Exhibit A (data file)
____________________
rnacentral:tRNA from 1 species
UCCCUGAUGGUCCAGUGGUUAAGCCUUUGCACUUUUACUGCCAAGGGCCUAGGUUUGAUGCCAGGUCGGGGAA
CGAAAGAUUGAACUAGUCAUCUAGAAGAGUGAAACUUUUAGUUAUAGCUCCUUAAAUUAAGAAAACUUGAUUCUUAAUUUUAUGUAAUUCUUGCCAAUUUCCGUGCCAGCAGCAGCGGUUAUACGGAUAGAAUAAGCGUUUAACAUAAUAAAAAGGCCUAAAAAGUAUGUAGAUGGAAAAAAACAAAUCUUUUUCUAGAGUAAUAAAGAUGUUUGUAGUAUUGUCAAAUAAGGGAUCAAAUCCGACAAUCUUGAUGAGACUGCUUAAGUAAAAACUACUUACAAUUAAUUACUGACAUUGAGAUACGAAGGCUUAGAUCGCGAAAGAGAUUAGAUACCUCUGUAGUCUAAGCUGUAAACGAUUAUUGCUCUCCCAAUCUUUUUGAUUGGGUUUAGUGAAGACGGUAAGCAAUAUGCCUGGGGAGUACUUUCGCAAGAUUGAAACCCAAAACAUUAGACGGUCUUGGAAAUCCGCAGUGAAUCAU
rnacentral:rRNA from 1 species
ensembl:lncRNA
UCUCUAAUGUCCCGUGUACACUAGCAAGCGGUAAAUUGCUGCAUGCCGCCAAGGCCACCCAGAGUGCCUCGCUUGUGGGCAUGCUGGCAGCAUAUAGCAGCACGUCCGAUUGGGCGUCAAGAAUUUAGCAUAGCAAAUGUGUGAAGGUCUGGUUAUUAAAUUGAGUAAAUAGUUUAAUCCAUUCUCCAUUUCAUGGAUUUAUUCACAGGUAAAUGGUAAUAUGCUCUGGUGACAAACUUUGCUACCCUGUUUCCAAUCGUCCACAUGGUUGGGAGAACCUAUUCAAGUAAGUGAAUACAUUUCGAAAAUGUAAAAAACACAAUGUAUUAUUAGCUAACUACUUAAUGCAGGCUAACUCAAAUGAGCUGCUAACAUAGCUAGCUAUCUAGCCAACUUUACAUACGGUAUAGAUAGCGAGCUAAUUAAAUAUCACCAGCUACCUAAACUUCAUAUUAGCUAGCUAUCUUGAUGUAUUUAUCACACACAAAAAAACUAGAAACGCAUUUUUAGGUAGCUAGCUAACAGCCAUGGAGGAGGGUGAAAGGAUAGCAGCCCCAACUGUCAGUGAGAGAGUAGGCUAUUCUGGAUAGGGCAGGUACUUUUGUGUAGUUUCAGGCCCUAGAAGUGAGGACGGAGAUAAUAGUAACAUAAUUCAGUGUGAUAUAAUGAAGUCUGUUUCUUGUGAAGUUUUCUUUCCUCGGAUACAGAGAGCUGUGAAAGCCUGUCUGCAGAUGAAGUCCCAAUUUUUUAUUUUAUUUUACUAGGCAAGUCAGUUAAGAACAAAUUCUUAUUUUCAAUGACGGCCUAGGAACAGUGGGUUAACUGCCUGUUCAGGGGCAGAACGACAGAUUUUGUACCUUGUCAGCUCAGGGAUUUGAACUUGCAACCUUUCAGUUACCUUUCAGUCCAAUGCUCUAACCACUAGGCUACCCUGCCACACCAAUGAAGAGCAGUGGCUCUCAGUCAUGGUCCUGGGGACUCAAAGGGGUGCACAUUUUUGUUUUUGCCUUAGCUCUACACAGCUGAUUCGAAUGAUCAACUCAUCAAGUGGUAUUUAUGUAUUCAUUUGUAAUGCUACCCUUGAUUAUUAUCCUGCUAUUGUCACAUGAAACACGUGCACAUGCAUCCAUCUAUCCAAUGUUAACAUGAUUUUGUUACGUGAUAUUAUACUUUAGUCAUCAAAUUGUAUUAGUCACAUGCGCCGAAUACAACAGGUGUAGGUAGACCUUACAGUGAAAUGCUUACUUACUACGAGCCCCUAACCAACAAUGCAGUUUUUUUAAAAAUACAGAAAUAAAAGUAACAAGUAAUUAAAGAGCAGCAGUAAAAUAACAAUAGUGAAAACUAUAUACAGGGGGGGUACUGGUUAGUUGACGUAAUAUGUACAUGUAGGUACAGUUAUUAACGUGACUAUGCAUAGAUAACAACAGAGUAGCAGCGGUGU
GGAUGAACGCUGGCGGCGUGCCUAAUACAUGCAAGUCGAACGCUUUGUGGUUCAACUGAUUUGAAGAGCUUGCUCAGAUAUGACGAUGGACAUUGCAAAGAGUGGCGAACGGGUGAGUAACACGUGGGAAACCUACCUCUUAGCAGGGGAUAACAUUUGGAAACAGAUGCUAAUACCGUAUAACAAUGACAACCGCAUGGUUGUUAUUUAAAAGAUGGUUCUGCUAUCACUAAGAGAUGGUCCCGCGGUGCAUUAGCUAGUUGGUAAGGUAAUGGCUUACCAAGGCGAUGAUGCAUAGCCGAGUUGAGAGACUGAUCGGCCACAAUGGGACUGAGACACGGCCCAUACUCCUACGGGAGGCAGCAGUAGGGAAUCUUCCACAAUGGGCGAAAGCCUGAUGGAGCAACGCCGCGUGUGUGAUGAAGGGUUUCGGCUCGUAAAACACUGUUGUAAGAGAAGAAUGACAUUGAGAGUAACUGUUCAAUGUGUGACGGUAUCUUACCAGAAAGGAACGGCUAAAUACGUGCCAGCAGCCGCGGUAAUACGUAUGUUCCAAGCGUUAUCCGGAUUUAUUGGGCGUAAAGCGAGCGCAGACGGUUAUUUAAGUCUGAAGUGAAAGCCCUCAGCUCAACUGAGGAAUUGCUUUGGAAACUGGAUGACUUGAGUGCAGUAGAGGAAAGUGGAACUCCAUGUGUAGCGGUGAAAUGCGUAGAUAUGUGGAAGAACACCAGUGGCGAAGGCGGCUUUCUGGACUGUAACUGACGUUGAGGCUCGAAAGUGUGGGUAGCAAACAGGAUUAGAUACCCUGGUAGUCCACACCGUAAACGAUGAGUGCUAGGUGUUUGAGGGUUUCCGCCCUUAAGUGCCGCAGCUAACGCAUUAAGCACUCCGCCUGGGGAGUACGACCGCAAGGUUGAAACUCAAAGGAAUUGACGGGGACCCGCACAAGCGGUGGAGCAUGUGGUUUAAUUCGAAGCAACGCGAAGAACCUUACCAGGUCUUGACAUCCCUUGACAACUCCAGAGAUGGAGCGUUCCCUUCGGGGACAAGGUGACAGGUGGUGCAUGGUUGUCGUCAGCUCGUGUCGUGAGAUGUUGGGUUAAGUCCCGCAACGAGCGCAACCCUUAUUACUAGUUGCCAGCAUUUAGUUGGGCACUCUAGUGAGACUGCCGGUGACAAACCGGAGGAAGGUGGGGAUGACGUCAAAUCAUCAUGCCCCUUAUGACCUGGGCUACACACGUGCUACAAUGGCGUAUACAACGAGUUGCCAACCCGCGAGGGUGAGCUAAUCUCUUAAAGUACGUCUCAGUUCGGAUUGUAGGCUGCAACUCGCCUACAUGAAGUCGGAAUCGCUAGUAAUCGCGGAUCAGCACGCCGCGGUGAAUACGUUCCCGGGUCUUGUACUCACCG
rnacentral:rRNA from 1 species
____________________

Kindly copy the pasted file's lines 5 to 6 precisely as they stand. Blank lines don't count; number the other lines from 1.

ensembl:lncRNA
UCUCUAAUGUCCCGUGUACACUAGCAAGCGGUAAAUUGCUGCAUGCCGCCAAGGCCACCCAGAGUGCCUCGCUUGUGGGCAUGCUGGCAGCAUAUAGCAGCACGUCCGAUUGGGCGUCAAGAAUUUAGCAUAGCAAAUGUGUGAAGGUCUGGUUAUUAAAUUGAGUAAAUAGUUUAAUCCAUUCUCCAUUUCAUGGAUUUAUUCACAGGUAAAUGGUAAUAUGCUCUGGUGACAAACUUUGCUACCCUGUUUCCAAUCGUCCACAUGGUUGGGAGAACCUAUUCAAGUAAGUGAAUACAUUUCGAAAAUGUAAAAAACACAAUGUAUUAUUAGCUAACUACUUAAUGCAGGCUAACUCAAAUGAGCUGCUAACAUAGCUAGCUAUCUAGCCAACUUUACAUACGGUAUAGAUAGCGAGCUAAUUAAAUAUCACCAGCUACCUAAACUUCAUAUUAGCUAGCUAUCUUGAUGUAUUUAUCACACACAAAAAAACUAGAAACGCAUUUUUAGGUAGCUAGCUAACAGCCAUGGAGGAGGGUGAAAGGAUAGCAGCCCCAACUGUCAGUGAGAGAGUAGGCUAUUCUGGAUAGGGCAGGUACUUUUGUGUAGUUUCAGGCCCUAGAAGUGAGGACGGAGAUAAUAGUAACAUAAUUCAGUGUGAUAUAAUGAAGUCUGUUUCUUGUGAAGUUUUCUUUCCUCGGAUACAGAGAGCUGUGAAAGCCUGUCUGCAGAUGAAGUCCCAAUUUUUUAUUUUAUUUUACUAGGCAAGUCAGUUAAGAACAAAUUCUUAUUUUCAAUGACGGCCUAGGAACAGUGGGUUAACUGCCUGUUCAGGGGCAGAACGACAGAUUUUGUACCUUGUCAGCUCAGGGAUUUGAACUUGCAACCUUUCAGUUACCUUUCAGUCCAAUGCUCUAACCACUAGGCUACCCUGCCACACCAAUGAAGAGCAGUGGCUCUCAGUCAUGGUCCUGGGGACUCAAAGGGGUGCACAUUUUUGUUUUUGCCUUAGCUCUACACAGCUGAUUCGAAUGAUCAACUCAUCAAGUGGUAUUUAUGUAUUCAUUUGUAAUGCUACCCUUGAUUAUUAUCCUGCUAUUGUCACAUGAAACACGUGCACAUGCAUCCAUCUAUCCAAUGUUAACAUGAUUUUGUUACGUGAUAUUAUACUUUAGUCAUCAAAUUGUAUUAGUCACAUGCGCCGAAUACAACAGGUGUAGGUAGACCUUACAGUGAAAUGCUUACUUACUACGAGCCCCUAACCAACAAUGCAGUUUUUUUAAAAAUACAGAAAUAAAAGUAACAAGUAAUUAAAGAGCAGCAGUAAAAUAACAAUAGUGAAAACUAUAUACAGGGGGGGUACUGGUUAGUUGACGUAAUAUGUACAUGUAGGUACAGUUAUUAACGUGACUAUGCAUAGAUAACAACAGAGUAGCAGCGGUGU